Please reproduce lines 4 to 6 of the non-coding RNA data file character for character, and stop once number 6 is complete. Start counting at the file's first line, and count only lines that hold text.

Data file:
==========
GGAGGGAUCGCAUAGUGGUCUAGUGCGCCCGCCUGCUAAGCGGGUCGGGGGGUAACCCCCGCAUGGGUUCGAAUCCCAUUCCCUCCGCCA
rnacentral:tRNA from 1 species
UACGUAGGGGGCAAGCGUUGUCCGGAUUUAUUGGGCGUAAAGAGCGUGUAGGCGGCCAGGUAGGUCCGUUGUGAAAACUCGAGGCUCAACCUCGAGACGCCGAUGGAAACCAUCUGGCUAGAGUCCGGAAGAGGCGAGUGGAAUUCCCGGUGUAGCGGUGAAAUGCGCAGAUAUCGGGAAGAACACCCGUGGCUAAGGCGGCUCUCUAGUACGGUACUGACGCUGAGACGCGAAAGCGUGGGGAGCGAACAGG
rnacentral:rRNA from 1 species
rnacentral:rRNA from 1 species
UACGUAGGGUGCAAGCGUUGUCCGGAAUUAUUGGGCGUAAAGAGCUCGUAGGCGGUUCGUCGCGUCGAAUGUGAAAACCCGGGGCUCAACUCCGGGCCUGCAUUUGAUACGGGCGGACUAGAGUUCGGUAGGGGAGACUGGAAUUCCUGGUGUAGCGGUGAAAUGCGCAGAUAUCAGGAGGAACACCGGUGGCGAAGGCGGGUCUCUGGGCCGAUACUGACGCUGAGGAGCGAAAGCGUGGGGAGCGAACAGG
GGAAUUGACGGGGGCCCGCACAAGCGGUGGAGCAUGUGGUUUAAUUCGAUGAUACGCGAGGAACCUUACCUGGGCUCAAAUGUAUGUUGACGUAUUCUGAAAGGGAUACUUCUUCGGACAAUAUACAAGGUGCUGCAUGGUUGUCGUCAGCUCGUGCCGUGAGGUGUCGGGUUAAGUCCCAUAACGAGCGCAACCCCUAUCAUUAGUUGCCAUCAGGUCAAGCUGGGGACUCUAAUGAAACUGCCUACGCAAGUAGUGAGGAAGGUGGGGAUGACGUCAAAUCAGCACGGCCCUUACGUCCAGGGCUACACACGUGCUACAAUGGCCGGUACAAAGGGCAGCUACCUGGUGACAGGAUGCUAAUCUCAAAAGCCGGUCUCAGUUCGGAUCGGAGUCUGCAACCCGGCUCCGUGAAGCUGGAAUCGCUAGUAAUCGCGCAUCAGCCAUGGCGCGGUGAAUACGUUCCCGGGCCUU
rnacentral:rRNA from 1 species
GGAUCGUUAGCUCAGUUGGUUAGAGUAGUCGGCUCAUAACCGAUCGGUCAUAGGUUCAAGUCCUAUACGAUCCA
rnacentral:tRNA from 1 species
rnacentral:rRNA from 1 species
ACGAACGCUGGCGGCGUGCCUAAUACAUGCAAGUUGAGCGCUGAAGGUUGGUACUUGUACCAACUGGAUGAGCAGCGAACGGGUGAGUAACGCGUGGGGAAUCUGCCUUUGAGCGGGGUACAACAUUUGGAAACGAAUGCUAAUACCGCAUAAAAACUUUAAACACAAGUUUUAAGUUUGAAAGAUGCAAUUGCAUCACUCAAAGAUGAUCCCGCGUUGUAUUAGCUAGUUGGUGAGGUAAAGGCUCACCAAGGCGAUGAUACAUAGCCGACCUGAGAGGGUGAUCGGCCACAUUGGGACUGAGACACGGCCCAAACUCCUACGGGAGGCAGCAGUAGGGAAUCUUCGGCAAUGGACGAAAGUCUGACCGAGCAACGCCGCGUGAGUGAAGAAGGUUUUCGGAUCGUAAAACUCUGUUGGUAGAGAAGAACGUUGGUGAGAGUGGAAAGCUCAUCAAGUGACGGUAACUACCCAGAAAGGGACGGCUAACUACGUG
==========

rnacentral:rRNA from 1 species
rnacentral:rRNA from 1 species
UACGUAGGGUGCAAGCGUUGUCCGGAAUUAUUGGGCGUAAAGAGCUCGUAGGCGGUUCGUCGCGUCGAAUGUGAAAACCCGGGGCUCAACUCCGGGCCUGCAUUUGAUACGGGCGGACUAGAGUUCGGUAGGGGAGACUGGAAUUCCUGGUGUAGCGGUGAAAUGCGCAGAUAUCAGGAGGAACACCGGUGGCGAAGGCGGGUCUCUGGGCCGAUACUGACGCUGAGGAGCGAAAGCGUGGGGAGCGAACAGG